“We have a very liberal DRM (digital rights management) policy. Onceyou buy the content, you can do whatever you want with it. We’ve onlyhad a few cases where it was a problem putting it on a Web site. Butit’s not causing us a great deal of concern,” Scotti said.

Everybody Else

Another solution in the digital mix, offered by Atiz.com, could be ideal for small companies and individualauthors who want to preserve their printed pages digitally.

As long asthe user owns the copyright, there is no legalentanglement, according to Atiz President Nick Warmock. The company’s biggest customers include academic libraries aroundthe world, municipalities for deed registries, students and servicebureaus.

Three of Atiz’s products give consumers and small organizationsan inexpensive device to make their own decisions on what to preservedigitally rather than going through outside services like Gutenberg and Google. In 2006, Warmock partnered with anassociate who invented a way to have a mechanical arm turn the pagesof books being scanned. The resulting BookDriveDIY (Do It Yourself) includes the cameras, mechanicalsetup and proprietary software. A related product released in 2007,BookSnap, targets students and others who want to digitize reams ofnotes. Atiz released BookDrive Pro in January of this year. The productprices range from $1,595 to $15,000.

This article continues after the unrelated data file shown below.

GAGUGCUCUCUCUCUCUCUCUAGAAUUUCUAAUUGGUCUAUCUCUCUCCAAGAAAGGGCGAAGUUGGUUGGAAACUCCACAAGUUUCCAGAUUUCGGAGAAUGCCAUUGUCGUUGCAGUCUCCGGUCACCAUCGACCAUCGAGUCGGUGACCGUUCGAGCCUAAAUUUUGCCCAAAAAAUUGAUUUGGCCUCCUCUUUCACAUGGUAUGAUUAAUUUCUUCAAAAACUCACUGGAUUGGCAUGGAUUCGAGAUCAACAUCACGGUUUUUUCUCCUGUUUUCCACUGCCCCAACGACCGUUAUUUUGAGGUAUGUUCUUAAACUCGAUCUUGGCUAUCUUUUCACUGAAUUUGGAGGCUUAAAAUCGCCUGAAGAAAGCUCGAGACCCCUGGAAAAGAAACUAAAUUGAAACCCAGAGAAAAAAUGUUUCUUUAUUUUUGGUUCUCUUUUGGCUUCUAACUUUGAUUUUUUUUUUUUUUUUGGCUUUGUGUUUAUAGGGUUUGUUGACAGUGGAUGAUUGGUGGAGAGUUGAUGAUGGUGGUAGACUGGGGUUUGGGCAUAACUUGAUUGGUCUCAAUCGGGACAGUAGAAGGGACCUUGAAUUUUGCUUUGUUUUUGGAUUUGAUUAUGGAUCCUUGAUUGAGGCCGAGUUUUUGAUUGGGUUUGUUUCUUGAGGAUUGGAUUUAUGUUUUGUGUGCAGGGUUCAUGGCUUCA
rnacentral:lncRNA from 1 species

“We envision one day having a searchable repository for all digitizedcontent. But that hasn’t been worked out yet. The power of such auniversal library would be incredible. We’d like to get involved inthat project, but too many things would have to be worked out,”Warmock told TechNewsWorld.